COLOUR STORIES - How a shade comes to life: Pale Blush

Like in each creative workshop, developing a product can be a long, sometimes tedious process. At Eliv Rosenkranz one of our biggest challenges was our colours. In the beginning we specialised in neutrals only, then we wanted a few deeper and more colourful shades in our repertoire too. Finding the right pigments, the right moods, spotting trends while creating a timeless product - our founder and creative director Claudia talks about all of these aspects in our new series: COLOUR STORIES - How a shade comes to life.

Developing Pale Blush

Pale Blush has been around since our beginnings, but has changed quite a few times over the last few years.

A powdered soft Pink

I started with powder pigments. When dry, the colour was perfect, but as soon as it was processed it was a soft pink shade. Although I’m not a fan of pink, I made my peace with it because that colour was very popular.

But then this kind of pigments was discontinued shortly after and I had to find a solution.

Colour mixing and lots of experiments

That’s when colour mixing and experimentation began. Back then, I had no idea what I was getting myself into in the years to come. With the new pigment pastes I used, I worked mainly with a red shade, so the soft pink shade became a much bolder pink. At that time my colour mixing skills were far from perfect, so I had no choice but to include the pink shade in our collection. I never saw it as an "Eliv Rosenkranz colour" though. Delphine of Silent Word Studio made me realise that this shade can also be interpreted in a modern way with this project. I love the result!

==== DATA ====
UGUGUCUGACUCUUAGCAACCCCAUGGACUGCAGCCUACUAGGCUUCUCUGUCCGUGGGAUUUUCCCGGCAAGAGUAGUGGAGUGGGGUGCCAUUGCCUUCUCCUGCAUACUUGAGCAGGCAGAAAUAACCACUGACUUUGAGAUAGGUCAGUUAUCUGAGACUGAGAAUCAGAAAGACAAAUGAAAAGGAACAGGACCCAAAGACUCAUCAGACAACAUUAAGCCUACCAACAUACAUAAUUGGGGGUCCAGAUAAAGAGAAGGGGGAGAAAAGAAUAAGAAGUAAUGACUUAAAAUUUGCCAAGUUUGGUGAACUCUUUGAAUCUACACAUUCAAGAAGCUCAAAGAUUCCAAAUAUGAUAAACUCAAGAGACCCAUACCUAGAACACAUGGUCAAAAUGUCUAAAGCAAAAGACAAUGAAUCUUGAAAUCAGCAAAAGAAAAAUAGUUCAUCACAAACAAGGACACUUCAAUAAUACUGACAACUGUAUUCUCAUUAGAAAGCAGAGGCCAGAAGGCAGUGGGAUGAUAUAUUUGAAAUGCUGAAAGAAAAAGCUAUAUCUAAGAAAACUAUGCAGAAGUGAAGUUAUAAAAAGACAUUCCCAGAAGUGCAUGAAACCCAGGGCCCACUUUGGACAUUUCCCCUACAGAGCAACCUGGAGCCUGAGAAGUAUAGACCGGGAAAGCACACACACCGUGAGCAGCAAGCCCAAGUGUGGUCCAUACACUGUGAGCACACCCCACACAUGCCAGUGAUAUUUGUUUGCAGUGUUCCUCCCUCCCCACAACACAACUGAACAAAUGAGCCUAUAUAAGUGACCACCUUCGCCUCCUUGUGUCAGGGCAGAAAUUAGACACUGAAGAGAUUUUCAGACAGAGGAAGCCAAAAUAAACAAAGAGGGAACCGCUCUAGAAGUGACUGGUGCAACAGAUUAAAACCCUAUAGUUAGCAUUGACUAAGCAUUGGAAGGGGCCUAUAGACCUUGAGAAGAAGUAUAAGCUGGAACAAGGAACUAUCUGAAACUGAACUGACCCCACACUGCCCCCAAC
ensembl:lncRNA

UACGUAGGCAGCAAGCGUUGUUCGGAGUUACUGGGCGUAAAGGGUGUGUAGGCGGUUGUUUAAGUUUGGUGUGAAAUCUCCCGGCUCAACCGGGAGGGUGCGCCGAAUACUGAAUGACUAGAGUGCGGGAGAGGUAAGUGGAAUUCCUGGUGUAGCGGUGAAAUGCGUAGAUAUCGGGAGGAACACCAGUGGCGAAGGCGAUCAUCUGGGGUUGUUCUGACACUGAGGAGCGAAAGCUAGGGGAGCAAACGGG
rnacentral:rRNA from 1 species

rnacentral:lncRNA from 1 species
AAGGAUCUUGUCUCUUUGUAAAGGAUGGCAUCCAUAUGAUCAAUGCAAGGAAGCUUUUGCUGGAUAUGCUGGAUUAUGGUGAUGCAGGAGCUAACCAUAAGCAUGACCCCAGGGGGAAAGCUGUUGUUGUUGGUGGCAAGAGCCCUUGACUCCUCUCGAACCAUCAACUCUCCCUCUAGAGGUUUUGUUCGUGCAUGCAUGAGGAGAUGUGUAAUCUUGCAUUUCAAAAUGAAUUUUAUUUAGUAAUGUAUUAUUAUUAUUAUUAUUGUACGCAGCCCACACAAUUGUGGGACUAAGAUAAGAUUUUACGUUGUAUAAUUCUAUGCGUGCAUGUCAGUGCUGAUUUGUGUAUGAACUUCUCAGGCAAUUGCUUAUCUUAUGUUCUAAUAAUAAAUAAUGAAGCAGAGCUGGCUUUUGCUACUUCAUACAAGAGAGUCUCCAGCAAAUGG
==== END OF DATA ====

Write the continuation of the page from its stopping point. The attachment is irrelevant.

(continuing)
It wasn't until weeks later that we got closer to the original soft pink shade again, but we still kept revising the tone.

A perfect Pale Blush – and a new name

In 2020 I found our perfect Pale Blush and it became the bestselling colour after White. We also changed its name from Blush to Pale Blush because we wanted to avoid the generalisation of “there’s only one ‘skin colour’” (Blush from “blushing”) that came with the trendy name Blush.

After another pigment change in 2021 the colour didn't change much. I had refined my colour mixing skills and the process took a while but was much more scientific and straight forward.

One of my personal favourites – and yours, our clients’

It is still one of the most important colours and by now also one of my favourites.

With this shade, it was important to me from the beginning that doesn’t become too rosy and pinkish. Maybe it's better described as a beige with a pink undertone. Now, the colour gives me a spring freshness without being too kitschy or too classically playful (still not the Eliv Rosenkranz style).

I see this colour with modern projects, but also wanted to create it in a way that it could also be used for romantic mood boards and projects.

 


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